Grandma and Mozart interviewed on Chinese TV

Another highlight for me was when my perky 83 year old maternal Grandmother came to stay with us in Asia for 6 weeks and celebrated Chinese New Year with us. We even got interviewed on Chinese TV dressed in our traditional dresses or qípáo .. which was a first for her!

My Chinese also means a lot to me and it was wonderful to travel to China the first time and be fluent in the language. Caucasians are rare in China, even in  Beijing and Caucasians  speaking,reading and writing fluently in Mandarin are even more rare, so it was extraordinary and delightful to see the reactions of the local folks when I could converse with them.They would smile and laugh so much, so I got a big kick  out of it too. I am pretty good at bargaining from markets around the world, so it was REALLY funny to surprise the sellers there by both my Chinese and good bartering skills.

American girl speaking Chinese in China gets lots of smiles

I met so many people who had never even seen a Caucasian before so were thrilled to be able to communicate. When I went to school in China, one of my favorites was a 15 month old baby that I saw every day. At first he was very frightened of me as he, like the rest,  had never seen a Caucasian or someone with "yellow" hair, but soon we became best buddies. I loooove babies and had so much fun being a big sister or Dà jiě jie 大姐姐.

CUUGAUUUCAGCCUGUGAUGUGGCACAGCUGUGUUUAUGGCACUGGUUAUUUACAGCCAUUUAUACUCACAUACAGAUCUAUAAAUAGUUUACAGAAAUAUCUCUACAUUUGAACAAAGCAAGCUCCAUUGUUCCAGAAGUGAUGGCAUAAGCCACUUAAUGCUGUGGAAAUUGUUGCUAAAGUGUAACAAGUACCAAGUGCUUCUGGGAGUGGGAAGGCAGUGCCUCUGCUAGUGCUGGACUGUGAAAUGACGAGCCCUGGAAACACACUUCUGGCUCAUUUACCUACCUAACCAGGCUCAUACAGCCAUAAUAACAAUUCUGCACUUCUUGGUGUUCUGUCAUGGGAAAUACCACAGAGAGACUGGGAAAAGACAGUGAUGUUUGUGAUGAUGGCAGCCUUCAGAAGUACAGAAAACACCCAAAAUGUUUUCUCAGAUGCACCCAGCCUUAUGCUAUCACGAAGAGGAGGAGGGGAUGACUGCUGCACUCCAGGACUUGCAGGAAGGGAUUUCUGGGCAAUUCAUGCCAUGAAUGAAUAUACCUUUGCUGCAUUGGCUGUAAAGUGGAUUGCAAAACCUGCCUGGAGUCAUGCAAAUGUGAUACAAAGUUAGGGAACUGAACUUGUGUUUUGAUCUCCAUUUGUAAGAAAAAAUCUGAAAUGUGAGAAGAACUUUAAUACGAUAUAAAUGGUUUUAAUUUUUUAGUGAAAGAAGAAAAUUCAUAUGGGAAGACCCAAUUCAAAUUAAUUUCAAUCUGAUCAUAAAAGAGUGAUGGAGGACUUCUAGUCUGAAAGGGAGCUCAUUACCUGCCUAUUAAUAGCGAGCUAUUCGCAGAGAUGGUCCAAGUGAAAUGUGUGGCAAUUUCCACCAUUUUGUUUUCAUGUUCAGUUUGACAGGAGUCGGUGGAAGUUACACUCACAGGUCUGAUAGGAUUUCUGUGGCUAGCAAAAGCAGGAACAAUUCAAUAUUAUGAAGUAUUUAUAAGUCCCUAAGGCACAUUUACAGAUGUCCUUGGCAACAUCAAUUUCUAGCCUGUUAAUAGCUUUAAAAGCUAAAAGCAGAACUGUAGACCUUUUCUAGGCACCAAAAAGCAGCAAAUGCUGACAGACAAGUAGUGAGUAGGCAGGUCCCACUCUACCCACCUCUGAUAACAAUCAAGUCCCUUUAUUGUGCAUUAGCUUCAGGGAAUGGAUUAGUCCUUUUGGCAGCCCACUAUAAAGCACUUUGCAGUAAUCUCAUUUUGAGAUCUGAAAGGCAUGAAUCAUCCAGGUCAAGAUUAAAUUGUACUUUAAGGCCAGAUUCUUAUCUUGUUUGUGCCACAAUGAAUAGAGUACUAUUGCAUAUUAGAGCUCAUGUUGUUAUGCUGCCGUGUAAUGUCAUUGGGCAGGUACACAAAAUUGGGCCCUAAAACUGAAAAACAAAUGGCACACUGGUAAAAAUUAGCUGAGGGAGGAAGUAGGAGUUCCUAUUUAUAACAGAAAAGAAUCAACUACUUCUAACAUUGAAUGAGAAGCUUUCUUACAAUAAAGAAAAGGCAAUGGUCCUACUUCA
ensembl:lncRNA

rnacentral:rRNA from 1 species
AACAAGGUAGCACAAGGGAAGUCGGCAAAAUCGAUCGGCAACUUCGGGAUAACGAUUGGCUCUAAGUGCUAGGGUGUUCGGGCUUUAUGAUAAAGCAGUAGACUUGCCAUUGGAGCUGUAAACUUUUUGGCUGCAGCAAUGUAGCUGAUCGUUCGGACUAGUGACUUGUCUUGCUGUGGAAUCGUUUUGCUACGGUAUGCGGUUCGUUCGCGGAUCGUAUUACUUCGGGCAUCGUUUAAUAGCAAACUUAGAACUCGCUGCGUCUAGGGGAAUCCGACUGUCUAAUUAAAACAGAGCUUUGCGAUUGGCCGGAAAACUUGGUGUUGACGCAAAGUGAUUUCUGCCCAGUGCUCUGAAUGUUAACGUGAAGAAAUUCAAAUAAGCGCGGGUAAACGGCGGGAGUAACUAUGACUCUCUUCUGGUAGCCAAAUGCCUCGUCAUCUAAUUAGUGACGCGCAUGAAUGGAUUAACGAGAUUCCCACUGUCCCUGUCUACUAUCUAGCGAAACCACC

American girl, Chinese baby with globe in China

 To me,  that says everything about the advantage of language learning to foster world peace and understanding, .......taking us past fear, into what we have in common.


One of the great advantages of doing world travel as a young child is how easy it is to  see how good- hearted people are everywhere, no matter what language, what religion, what color or ethnicity or what country or continent! Studies showed that children exposed to diversity in positive ways while young have less prejudices.

American girl meeting friendly people all over China thanks to her Mandarin fluency